Sen. Boitano and Rep. Rehm,
I would just like to encourage you on behalf of myself and my wife to please do all you can to see that a comprehensive ethics package is passed by the Legislature this session. We all know this has been requested and not passed now for far too many years, and the problems and indictments continue year after year. I dearly love my state but am embarrassed when corrupt officials are hauled off to jail and our status as one of the few states with no ethics reform in place is again brought up.
Assurances from legislators that this is not needed, to me (and many other New Mexicans), appears to be an elitist, "I'm much smarter than they are" type response, while their hands are held out for "paybacks" and under-the-table type deals. I'm very tired of this and fully support prosecution and harsh punishment for offenders. I'm not trying to be offensive, but everyone in the Roundhouse puts their pants on one leg at a time, just like the rest of us, so to think that the rules don't apply to them or that they're much smarter or more well-connected than the rest of us, so that they don't have to play by the rules ... or even make up the rules as they go (like our recently departed White House disappointments) is no longer acceptable! Again, please do all you can do to open up government (open-door committees, cameras, sunshine) and get rid of the thieves and morally bankrupt politicians.
This responds to the article by Simon McCormack, "The End of the Death Penalty?" [Jan. 29-Feb 4]. McCormack reports on New Mexico Democratic Rep. Gail Chasey's bill to replace the death penalty with "life without the possibility of parole."
Chasey's arguments are based on ignorance or lies. She argues, for example, that 14 states without the death penalty have lower homicide rates than the 26 that do. She is either ignorant of, or intentionally ignoring, the well-known scientific principle that correlation does not imply causality. The correlation she quotes is just as consistent with the proposition that states with high homicide rates tend to impose the death penalty more often because they need it more.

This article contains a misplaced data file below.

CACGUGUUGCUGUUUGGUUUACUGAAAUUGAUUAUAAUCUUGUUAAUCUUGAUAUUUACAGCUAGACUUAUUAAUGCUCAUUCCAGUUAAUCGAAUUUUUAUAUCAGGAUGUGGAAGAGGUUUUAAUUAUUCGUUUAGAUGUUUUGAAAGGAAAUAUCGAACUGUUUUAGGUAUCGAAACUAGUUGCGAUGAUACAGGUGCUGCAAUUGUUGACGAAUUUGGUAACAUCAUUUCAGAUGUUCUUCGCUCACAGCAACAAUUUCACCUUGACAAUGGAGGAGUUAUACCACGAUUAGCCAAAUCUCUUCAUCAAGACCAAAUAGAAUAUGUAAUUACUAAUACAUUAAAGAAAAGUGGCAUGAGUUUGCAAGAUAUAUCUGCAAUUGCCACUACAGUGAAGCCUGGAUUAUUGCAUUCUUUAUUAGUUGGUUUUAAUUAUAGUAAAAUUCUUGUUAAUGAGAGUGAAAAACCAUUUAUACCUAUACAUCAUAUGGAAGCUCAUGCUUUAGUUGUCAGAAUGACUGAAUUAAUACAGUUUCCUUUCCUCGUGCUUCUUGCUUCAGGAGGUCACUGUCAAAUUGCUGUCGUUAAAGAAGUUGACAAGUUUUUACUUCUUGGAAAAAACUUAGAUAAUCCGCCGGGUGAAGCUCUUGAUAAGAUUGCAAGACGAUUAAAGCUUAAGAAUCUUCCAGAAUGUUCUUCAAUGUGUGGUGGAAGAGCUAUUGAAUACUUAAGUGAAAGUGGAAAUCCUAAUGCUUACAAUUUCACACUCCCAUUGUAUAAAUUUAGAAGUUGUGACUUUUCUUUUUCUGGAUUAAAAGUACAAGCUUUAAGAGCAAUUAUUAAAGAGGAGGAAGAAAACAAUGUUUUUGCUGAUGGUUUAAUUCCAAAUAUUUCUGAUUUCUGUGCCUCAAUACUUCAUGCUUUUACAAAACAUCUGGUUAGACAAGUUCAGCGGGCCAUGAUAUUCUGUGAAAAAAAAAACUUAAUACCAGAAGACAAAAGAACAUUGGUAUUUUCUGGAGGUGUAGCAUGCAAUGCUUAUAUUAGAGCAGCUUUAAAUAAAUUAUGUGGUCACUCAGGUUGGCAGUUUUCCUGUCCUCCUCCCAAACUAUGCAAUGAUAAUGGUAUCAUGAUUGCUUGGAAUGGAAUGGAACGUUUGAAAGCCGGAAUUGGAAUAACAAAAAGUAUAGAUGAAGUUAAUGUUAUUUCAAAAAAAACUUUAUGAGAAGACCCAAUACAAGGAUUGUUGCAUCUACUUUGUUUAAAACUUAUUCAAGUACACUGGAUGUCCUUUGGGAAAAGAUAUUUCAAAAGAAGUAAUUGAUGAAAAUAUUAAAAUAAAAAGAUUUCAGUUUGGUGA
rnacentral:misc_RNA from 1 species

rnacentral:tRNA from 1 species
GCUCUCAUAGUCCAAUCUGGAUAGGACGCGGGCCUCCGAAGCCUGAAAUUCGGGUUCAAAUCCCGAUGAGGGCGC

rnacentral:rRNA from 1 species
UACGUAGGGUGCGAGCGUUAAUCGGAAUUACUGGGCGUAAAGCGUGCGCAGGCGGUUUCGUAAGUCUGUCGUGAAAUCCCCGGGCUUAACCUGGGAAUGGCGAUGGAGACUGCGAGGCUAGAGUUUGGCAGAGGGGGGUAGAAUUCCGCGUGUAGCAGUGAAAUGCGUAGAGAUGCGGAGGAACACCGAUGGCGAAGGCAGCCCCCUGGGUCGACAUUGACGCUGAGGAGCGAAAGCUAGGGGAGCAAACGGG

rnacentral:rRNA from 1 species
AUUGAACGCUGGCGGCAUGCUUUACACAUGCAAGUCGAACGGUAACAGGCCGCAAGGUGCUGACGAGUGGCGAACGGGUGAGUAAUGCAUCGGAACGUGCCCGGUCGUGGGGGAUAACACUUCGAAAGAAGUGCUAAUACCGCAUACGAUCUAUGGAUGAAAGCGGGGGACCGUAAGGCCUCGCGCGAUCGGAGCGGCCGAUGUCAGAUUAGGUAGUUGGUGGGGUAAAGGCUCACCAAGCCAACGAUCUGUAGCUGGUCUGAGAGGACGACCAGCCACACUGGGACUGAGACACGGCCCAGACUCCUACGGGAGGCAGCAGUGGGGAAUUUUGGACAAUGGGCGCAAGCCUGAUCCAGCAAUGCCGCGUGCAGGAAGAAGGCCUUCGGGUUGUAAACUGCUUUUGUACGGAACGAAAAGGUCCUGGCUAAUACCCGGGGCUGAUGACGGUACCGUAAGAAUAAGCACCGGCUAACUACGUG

“Execution is the only penalty that is guaranteed to deter the perpetrator from ever, ever committing another murder.”
Nevertheless, regardless of its deterrent to others, it is a scientific fact that execution is the only penalty that is guaranteed to deter the perpetrator from ever, ever committing another murder. "Life without the possibility of parole" cannot provide such a guarantee. As long as a murderer lives, he or she can murder again. A murderer can escape (remember the "Texas Seven"?) to murder again. Despite talk of "no parole," there is no guarantee that such a rule will remain in place permanently. Who can guarantee what a judge or another Legislature might decide years from now? Once freed, murderers also murder again, as did murderer Jack Abbott ... a mere six weeks after celebrity Norman Mailer convinced authorities to grant parole, despite the misgivings of prison officials.